2. By Robert Jensen on

    What is poverty? Glaringly obvious, perhaps, if and where people suffer from poor or inadequate food, shelter, water, sanitation, education, security, environment etc. All these ideas have been expressed better than I am doing now by others - the UN, the WHO, UNICEF, Habitat etc - in terms of minimal criteria. But what about looking again at some maximal criteria for richer countries, whose comparative per capita consumption of raw materials and non-renewable energy is shameful, a "bad" example but tempting to the aspiring people of the world. In my country, (UK), people routinely wash their cars in drinking water while in others, not even the financially poorest, people have contracted cholera from dirty surface water 30 km or less from a gold mine which has a drained football field with an air-conditioned box for the commentators! The books or reports such as "Questioning Development", "Small is Beautiful", "Energy and Equity", "Limits to Growth", etc are worth a read or a re-read, I think.

  3. By Robert Jensen on

    Hi Narayan Dhakal. Yes, I am interested. Short of time right now, as I search for a suitable job, tidy my house, etc etc. I am a Brit (never mind!), based in the UK but somewhat "travelled" - mainly Africa and Eastern Europe. And you, out of curiosity? I would say (if required) that I am an "environmental consultant", And in fact right now I would value some advice and ideas on potential funding sources for a really neat, humanitarian, post-conflict project that a friend of mine has dreamed up.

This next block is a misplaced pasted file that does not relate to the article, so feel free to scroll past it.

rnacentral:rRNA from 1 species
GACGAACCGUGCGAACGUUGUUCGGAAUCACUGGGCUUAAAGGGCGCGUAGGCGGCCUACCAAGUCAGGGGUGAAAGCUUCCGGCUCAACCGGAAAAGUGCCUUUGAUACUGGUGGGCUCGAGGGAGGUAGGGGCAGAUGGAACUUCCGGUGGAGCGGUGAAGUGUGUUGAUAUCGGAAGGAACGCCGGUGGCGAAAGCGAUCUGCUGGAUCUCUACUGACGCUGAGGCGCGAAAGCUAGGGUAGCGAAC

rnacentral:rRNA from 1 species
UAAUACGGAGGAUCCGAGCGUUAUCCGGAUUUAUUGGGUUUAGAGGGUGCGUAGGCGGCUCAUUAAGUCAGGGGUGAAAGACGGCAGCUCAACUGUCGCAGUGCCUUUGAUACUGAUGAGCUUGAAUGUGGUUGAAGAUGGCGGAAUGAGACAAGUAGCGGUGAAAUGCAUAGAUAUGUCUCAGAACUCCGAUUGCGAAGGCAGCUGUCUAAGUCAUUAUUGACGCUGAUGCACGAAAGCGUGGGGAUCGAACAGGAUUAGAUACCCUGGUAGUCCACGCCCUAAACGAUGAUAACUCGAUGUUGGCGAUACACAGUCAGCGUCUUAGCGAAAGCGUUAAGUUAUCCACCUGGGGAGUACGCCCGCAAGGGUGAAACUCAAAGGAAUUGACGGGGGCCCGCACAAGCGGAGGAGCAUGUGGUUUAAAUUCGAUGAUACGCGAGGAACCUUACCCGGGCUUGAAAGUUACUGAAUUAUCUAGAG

4. By Narayan Dhakal on

    Great, in fact I am working for Nepal and its been very hard to convince donor even higher level faculty to draw their attention to the grass root problems and aspirations. I would be very happy to discuss with you and your friend to come up with a best plan with humanitarian ideas. Could I find your email address.

  5. By Robert Jensen on

    I can be found on Linked In. In addition, my email address is jensen800@yahoo.com and my skype address is robertandrewjensen1 I think that there could be a neat, mutually beneficial exchange of ideas, skills and knowledge here!

  6. By Hani Wali on

    there is no fexibiity in the implementation of the WB policy, where for some project , the impact on affectd persons is temporary (as renting for lands to specified time) but the bank consider this impact as resettelement and the needed study RAP addressed as resettelement rather than renting. so you address a suit to a person not sutitable to him and this creats many obstcales and this done to our project where the study of the RAP took 3 years until the issuing the final one.